Friday, April 18, 2014

Puddles and sky, some of Gloria's favorite things

Photo credit here.
Photo credit here.
Gloria wondered what people did who didn't daydream.  Where did they take their minds for rest, other than sleep, to step away from elbows on the sidewalk, sardine conditions on the subway, tedium at their desks or simply too much, for the moment, of everything that wasn't quiet.  She lived a life that looked close to perfect and it was a pleasing existence, one in which she made her own choices, kept a schedule that she set, breathed the scent of the sea and fresh air, had days that never wanted for beauty.  Even in the almost-perfect, one needed to slip outside the tent.  We can be, she thought, truants in our own minds and no one would ever know.

Puddles and tide pools knew her name, just as though she were one of the fairies who perched on their edges, letting them mirror on unruffled surfaces what ordinary sight often failed to detect.  She found the reflection of sky in a puddle, especially with fast-moving clouds revealing expanses of blue, to be a small miracle.  Tea in a teaspoon, lifted to the lips for a temperature reading, seeing into or beyond the tiny, fragrant pond, asking questions of your own eyes.

Back to as young an age as she could remember, Gloria loved in equal measure puddles and clouds after a rain.  The summer squall that lingered beyond forecasters' expectations made her want to squeal with glee.  Instead, to maintain her disguise as a grown-up while at work, she bustled.  Every movement was quickened and exaggerated with what could be called flair, like a dancer's hands.  She was already borne along by the wind that stirred the curtains, could feel herself grow light, lighter.  All concerns scattered, everything open to the air, unencumbered.  Wind is the best broom, she told herself, no cobweb can withstand it. 


Erin in Morro Bay said...

Yes, interesting that even in a life that's almost perfection, sometimes one still needs to slip away, to day dream, to find a puddle to reflect in. And nothing like a good stiff sea breeze to clear out any remaining cobwebs.

Marylinn Kelly said...

Erin - My son was telling me of an article a friend forwarded about medication being developed or perhaps already in use to stop children from daydreaming. All I could think of was, why not just deprive them of oxygen and be done with it? Which jumped to Gloria's idyllic life and how essential the time to daydream is, certainly for me and I assume others of my species. And that sublime and stiff sea breeze. Ahhhh. xo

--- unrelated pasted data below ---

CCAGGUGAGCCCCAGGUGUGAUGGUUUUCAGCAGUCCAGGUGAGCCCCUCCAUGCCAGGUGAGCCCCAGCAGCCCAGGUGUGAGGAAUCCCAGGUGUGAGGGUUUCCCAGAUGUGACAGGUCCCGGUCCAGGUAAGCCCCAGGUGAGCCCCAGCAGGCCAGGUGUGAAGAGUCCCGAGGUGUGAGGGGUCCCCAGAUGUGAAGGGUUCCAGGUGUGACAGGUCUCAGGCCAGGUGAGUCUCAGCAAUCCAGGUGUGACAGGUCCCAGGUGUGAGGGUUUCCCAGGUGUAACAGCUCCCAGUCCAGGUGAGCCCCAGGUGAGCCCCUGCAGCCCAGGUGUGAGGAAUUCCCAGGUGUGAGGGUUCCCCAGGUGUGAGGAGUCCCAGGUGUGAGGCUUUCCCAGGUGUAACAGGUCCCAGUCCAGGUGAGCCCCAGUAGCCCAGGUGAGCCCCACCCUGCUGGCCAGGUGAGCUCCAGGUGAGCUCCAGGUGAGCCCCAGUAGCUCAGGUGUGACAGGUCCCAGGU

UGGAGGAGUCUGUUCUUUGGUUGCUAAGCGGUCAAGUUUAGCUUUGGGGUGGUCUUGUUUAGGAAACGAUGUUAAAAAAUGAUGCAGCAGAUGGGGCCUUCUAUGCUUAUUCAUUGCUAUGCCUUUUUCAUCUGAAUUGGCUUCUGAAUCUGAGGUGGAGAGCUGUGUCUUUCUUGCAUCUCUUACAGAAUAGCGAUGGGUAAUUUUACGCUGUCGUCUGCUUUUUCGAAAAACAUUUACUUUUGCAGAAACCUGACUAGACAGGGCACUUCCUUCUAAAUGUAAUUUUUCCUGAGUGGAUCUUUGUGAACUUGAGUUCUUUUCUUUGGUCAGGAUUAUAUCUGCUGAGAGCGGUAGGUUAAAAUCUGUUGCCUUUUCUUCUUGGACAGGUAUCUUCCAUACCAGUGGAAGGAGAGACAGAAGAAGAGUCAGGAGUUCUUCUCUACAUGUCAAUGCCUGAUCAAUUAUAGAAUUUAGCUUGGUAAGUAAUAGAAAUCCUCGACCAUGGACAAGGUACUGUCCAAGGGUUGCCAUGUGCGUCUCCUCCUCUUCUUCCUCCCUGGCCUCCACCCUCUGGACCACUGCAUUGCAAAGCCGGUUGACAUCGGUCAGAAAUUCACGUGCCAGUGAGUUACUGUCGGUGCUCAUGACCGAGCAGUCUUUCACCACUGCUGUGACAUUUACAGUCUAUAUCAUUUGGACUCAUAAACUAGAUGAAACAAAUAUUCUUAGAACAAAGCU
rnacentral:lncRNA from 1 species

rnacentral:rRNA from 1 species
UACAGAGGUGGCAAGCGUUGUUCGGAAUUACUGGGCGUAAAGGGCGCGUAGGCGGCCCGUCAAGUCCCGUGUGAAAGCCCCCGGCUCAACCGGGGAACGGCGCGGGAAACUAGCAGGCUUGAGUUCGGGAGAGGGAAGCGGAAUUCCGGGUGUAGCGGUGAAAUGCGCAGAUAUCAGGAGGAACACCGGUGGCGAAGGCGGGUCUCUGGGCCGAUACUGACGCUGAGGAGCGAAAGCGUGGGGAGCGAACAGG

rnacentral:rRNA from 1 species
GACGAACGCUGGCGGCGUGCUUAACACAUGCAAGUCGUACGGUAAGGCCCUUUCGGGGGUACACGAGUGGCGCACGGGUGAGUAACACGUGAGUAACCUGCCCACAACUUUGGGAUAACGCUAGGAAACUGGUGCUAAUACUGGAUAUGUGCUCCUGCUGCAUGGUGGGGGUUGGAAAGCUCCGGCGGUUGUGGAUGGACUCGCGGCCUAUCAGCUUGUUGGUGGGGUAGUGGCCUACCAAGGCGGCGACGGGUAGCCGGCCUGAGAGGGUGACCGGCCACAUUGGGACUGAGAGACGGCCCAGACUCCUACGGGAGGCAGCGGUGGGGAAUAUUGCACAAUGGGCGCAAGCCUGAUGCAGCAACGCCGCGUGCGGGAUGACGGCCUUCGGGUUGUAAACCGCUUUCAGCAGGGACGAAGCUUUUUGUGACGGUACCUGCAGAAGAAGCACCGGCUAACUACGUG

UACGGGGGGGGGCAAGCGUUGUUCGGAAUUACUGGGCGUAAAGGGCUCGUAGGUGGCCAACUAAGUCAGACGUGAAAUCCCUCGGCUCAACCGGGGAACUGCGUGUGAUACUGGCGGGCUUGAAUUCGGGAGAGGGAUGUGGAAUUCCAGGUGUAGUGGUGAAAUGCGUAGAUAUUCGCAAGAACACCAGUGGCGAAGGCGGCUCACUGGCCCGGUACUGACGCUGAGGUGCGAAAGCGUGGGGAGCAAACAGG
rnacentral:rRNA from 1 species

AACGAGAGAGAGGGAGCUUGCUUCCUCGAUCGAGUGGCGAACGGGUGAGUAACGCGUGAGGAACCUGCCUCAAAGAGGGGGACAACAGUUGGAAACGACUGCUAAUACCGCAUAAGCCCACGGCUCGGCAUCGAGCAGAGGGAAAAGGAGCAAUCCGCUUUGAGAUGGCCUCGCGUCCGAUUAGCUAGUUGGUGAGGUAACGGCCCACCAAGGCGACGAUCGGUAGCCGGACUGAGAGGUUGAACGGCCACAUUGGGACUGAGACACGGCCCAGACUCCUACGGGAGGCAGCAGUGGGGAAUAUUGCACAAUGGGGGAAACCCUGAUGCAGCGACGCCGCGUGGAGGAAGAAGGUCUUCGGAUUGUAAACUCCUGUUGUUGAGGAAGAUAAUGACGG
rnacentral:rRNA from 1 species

Melissa Green said...

I love this dreamy and reflective episode. Wind IS the best broom, of course, Marylinn. Thank you for pointing it out to me.

And then I read your exchange with Erin--and screamed. A medication to do away with daydreaming? Good God Almighty. What kind of a world would think that was devoutly to be wished? Every time I think I've heard every awful idea the heart can bear, something else appears to weigh it down. Do away with daydreaming. Yes. Oxygen should be next.

Claire Beynon said...

An exquisite reflection, as always, dear Marylinn. I love the way your tender vignettes of Gloria and her life are also self-portraits of the ever-expanding, self-accepting, self-loving you. You are fine role models for those of us fortunate enough to be on the receiving end of your grace and wisdoms. xo

Marylinn Kelly said...

Melissa - For me, I mean Gloria, there is nothing quite like a blustery day, being carried along like a kite amid cloud forms and reflecting waters. As to what parts of our own minds we are allowed to preserve and hold sacred, I do fear for all of us, for what has been and will be lost forever, of what will never become. xo

Marylinn Kelly said...

Claire - Thank you, Claire, and for seeing the unexpected about myself that Gloria reveals to me. Being chosen to tell a story is as great an honor as I can imagine. xo

RachelVB said...

Beautiful, Marylinn. Reminds me to notice the smaller things. I love your wind image. I've always hated the wind, I find it manly and forceful, like it rustles up all the aggressive particles in the world, but I like how you see it. It does clear out the dust. xoxo

Marylinn Kelly said...

Rachel - Thank you. There is wind and there is wind. We can have that aggressive, muscling kind that tears things apart but also, most afternoons even not by the sea, the swaying, murmuring, sweeping kind. xo